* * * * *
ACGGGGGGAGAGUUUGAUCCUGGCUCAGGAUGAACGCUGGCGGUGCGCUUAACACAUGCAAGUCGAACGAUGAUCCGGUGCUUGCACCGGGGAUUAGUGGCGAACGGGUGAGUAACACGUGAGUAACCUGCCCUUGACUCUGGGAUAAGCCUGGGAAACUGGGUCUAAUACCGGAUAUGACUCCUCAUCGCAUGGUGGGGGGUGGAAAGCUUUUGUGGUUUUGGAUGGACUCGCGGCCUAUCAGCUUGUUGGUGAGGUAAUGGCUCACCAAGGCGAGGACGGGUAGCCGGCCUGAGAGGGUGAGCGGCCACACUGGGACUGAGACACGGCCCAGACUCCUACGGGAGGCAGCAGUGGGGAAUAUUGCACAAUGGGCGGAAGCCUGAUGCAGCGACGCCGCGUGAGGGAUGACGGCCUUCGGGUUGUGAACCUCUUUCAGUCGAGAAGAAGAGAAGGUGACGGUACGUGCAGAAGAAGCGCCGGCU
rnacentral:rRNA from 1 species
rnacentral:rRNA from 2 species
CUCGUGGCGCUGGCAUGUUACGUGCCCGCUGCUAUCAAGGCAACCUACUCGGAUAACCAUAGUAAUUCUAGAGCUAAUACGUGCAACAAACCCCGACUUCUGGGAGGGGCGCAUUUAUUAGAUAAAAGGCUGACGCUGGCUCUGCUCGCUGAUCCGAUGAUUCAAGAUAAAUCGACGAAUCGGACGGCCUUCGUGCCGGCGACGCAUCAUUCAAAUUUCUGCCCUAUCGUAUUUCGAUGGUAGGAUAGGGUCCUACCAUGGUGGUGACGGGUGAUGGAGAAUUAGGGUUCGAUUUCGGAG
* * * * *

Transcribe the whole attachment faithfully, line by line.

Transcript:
ACGGGGGGAGAGUUUGAUCCUGGCUCAGGAUGAACGCUGGCGGUGCGCUUAACACAUGCAAGUCGAACGAUGAUCCGGUGCUUGCACCGGGGAUUAGUGGCGAACGGGUGAGUAACACGUGAGUAACCUGCCCUUGACUCUGGGAUAAGCCUGGGAAACUGGGUCUAAUACCGGAUAUGACUCCUCAUCGCAUGGUGGGGGGUGGAAAGCUUUUGUGGUUUUGGAUGGACUCGCGGCCUAUCAGCUUGUUGGUGAGGUAAUGGCUCACCAAGGCGAGGACGGGUAGCCGGCCUGAGAGGGUGAGCGGCCACACUGGGACUGAGACACGGCCCAGACUCCUACGGGAGGCAGCAGUGGGGAAUAUUGCACAAUGGGCGGAAGCCUGAUGCAGCGACGCCGCGUGAGGGAUGACGGCCUUCGGGUUGUGAACCUCUUUCAGUCGAGAAGAAGAGAAGGUGACGGUACGUGCAGAAGAAGCGCCGGCU
rnacentral:rRNA from 1 species
rnacentral:rRNA from 2 species
CUCGUGGCGCUGGCAUGUUACGUGCCCGCUGCUAUCAAGGCAACCUACUCGGAUAACCAUAGUAAUUCUAGAGCUAAUACGUGCAACAAACCCCGACUUCUGGGAGGGGCGCAUUUAUUAGAUAAAAGGCUGACGCUGGCUCUGCUCGCUGAUCCGAUGAUUCAAGAUAAAUCGACGAAUCGGACGGCCUUCGUGCCGGCGACGCAUCAUUCAAAUUUCUGCCCUAUCGUAUUUCGAUGGUAGGAUAGGGUCCUACCAUGGUGGUGACGGGUGAUGGAGAAUUAGGGUUCGAUUUCGGAG